HAS YOUR COACH CHECKED FOR THIS?
So you’ve just found an amazing new coach! You’re pumped to get started with your new program, it’s time to shake things up with a new approach and a fresh set of eyes.
But how much does your new coach actually know about you? Have they taken the time to screen and evaluate how you move? Do they know your imbalances? Do they know that your left leg is considerably weaker than your right? Or are they just looking back at your previous training data and basing their new programming off what you’ve done (or not done) in the past?
Regardless of your sport, every coach, new or old, should at some point pause to look at how you and your body is functioning outside your training sessions.
Whether it’s an online program or face-to-face sessions, a screening process should be a priority when working with athletes. More and more athletes are on training programs, with numerous sessions a day, punching out big numbers, yet they have never been assessed physically, with regards to their strengths, weaknesses, imbalances or compensations. Should your coach prescribe any type of intensity or volume (whether it’s on the bike, run or swim) before they have looked into whether your body is actually ready to cope with the demands? NO!
"Don't accept the fact that your mobility is poor or your hip starts to hurt towards the end of long runs."
Those little hidden imbalances or weaknesses that cause you to sit awkwardly in the saddle or how your hip drops in the run could become bigger issues if they aren't address in the early stages. It's quite likely that you aren’t even aware of these yourself - they have become habitual and "it’s just the way you move".
TIME TO TAKE ACTION
First things first, is it's as much your responsibility as your coaches. Take the time to have the conversation. If you have any concerns about old injuries or ongoing niggles, let them know before they crop up (unsurprisingly) down the track.
This screening will highlight whether you're both capable and comfortable in performing movements such as a basic body weight squat or standing up off a chair using one leg? or bending down to touch your toes. If you can’t perform these basic fundamental movements then that should a big red flag to you and your coach, as it could be an indication that you have weaknesses or a tightness that needs to be addressed.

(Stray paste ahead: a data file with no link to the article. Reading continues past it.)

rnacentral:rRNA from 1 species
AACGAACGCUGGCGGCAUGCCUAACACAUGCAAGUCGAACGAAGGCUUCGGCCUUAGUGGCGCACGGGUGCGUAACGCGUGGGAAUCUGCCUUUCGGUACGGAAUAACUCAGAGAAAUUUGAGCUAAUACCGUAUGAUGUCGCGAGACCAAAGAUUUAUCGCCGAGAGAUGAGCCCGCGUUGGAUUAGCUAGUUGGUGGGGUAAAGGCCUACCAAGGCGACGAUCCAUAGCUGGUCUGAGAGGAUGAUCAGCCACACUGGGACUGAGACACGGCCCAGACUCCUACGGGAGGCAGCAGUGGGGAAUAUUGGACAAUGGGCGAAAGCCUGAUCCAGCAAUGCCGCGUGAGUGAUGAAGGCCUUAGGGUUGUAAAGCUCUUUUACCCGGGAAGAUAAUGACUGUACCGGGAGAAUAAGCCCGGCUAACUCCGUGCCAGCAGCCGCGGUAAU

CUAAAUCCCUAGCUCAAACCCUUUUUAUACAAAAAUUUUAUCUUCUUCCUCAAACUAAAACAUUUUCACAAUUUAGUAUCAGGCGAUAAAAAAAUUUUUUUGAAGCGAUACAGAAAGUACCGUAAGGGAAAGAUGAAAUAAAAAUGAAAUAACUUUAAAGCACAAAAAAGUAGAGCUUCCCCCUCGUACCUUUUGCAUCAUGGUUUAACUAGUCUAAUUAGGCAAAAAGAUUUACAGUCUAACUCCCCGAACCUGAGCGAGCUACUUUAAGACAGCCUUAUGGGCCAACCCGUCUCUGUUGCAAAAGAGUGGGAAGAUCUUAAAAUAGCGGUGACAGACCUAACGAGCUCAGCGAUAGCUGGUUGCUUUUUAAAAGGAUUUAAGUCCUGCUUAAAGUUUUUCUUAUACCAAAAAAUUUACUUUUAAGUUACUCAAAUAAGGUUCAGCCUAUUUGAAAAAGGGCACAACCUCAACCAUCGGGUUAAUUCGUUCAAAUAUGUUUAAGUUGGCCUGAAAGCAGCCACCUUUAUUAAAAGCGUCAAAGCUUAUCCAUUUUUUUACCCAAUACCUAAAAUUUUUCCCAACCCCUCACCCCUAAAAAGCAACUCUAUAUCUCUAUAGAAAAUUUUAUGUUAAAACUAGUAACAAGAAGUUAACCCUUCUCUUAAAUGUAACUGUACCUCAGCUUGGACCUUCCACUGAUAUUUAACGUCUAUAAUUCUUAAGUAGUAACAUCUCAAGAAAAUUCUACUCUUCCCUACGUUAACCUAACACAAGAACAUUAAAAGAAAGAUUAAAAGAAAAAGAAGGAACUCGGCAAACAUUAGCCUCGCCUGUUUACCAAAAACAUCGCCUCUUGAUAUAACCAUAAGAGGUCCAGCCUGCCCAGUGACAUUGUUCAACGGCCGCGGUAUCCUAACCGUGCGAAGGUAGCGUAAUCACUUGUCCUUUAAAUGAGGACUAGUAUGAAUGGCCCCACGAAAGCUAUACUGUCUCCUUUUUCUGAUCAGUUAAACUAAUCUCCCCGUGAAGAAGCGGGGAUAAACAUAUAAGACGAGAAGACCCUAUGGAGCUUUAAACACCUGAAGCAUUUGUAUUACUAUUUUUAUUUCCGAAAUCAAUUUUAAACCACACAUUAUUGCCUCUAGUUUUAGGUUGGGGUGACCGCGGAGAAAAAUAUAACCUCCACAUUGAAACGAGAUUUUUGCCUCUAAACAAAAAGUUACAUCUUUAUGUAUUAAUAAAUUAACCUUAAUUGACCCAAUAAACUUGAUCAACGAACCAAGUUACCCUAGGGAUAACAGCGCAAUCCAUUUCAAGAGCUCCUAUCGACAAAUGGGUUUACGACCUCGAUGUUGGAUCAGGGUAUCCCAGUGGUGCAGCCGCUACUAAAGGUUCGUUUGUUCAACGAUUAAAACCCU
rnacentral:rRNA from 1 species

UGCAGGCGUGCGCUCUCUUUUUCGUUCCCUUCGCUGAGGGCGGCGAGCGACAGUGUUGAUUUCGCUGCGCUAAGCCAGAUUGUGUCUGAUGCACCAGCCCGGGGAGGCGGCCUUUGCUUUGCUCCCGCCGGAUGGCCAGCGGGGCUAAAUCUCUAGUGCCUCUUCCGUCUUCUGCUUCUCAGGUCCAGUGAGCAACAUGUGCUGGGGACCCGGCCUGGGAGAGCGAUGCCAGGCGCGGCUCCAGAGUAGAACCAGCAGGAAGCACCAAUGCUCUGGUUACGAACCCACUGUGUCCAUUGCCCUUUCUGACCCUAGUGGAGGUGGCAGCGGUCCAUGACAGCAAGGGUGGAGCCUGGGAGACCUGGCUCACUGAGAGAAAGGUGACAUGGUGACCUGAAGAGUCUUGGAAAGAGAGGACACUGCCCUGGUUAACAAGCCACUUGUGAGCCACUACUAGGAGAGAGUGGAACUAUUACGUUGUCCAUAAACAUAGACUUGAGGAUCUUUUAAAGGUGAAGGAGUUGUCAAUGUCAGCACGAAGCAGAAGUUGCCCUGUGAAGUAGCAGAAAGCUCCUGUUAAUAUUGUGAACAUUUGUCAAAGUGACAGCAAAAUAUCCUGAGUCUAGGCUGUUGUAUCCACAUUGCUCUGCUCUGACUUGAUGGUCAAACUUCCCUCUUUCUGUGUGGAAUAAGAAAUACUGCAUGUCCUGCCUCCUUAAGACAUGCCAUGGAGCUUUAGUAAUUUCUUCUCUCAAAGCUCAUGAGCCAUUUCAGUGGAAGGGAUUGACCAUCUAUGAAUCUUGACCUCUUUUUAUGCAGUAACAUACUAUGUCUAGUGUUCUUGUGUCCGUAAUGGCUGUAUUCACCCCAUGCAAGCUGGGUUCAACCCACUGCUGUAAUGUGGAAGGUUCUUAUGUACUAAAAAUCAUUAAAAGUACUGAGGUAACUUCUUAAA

Online coaching is more common than ever, removing the barrier of distance and giving us the ability to fit training into our everyday lives as and when suits us. So what if your coach never gets the opportunity to see you face to face to do this so called ‘screening?’ Outsourcing is the answer. By consulting a local and experienced strength training professional you can evaluate the current state of your body and relay that information to your coach. There are so many elements to consider in endurance performance that it;s a great idea to support yourself with a team who can work together to get the most out of your performance, however serious you may be. You may think this sounds extreme and expensive but we're not saying you need to see them everyday. Most will be happy to have a consultation and give you some things to go away and work on. Remember prevention is a lot cheaper and less painful than cure!
THINGS TO CONSIDER
Whatever you do, be pro-active. Don't accept the fact that your mobility is poor or your hip starts to hurt towards the end of long runs. The chances are, not only will these things crop up later on, but you'll be wishing you had done something about it sooner. So start to look after your body, it's the only one you've got!
Want to get started and addressing those issues, check out the StrengthForEnduranceKIT, which helps guide you in the first steps to creating a stronger, more efficient and healthier body.
If you're a coach who would like guidance on how to start assessing your athletes, get in contact so we can point you in the right direction or organise a Strength For Endurance Clinic for you and your athletes.